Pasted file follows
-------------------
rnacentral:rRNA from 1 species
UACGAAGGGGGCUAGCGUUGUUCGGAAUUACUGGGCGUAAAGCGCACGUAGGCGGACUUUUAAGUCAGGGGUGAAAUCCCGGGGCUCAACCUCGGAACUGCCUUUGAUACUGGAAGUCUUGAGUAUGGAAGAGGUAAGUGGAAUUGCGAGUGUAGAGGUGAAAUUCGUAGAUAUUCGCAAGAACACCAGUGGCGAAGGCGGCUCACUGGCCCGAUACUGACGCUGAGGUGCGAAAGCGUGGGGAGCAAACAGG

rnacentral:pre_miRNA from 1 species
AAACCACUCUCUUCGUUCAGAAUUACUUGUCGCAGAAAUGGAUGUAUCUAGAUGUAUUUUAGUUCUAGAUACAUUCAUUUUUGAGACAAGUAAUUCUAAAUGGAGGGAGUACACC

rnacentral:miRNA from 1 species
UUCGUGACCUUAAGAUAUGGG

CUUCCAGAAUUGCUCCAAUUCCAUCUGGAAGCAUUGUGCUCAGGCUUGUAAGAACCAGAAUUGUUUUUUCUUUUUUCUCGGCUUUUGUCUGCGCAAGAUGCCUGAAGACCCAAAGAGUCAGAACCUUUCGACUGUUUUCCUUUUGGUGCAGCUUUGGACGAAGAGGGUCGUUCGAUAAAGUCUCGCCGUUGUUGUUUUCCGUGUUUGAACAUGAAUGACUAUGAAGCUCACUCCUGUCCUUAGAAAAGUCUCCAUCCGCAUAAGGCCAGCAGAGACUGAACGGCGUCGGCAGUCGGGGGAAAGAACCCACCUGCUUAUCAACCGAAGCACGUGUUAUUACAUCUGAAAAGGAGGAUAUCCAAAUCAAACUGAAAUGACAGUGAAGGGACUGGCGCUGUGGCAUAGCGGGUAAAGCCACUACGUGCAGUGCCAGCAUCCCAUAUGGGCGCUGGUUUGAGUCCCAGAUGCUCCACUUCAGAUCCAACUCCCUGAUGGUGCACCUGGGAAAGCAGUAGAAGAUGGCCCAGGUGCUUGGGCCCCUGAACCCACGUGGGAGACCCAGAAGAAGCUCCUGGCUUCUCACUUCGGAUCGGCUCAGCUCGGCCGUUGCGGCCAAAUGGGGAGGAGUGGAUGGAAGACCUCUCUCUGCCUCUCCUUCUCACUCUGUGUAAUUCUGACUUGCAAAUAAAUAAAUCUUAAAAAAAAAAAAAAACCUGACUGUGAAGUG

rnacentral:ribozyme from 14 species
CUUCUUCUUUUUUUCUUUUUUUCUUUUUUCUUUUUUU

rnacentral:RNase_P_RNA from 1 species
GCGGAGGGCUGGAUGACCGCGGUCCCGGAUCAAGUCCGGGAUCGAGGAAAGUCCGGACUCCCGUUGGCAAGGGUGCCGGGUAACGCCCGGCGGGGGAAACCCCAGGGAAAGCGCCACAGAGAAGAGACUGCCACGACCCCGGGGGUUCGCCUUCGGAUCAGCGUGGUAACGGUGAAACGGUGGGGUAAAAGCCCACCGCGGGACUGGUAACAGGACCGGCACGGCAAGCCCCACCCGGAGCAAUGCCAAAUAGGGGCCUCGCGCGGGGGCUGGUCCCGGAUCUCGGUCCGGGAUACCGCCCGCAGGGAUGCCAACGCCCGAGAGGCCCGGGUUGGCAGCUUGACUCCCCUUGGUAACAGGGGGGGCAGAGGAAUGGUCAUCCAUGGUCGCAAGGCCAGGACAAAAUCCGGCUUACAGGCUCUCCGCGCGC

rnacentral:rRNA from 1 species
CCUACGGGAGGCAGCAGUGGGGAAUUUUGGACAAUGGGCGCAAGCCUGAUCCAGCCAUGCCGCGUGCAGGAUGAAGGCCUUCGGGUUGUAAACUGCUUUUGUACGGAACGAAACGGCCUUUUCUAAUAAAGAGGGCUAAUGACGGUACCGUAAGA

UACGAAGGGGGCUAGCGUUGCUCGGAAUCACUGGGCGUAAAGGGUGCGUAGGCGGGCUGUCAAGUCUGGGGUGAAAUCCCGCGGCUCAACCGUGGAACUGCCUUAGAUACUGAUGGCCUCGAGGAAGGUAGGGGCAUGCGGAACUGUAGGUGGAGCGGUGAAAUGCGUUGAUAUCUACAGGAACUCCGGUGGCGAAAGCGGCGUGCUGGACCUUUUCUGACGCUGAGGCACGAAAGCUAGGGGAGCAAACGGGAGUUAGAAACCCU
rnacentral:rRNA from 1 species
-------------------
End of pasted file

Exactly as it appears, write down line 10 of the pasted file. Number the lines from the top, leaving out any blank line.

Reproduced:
rnacentral:RNase_P_RNA from 1 species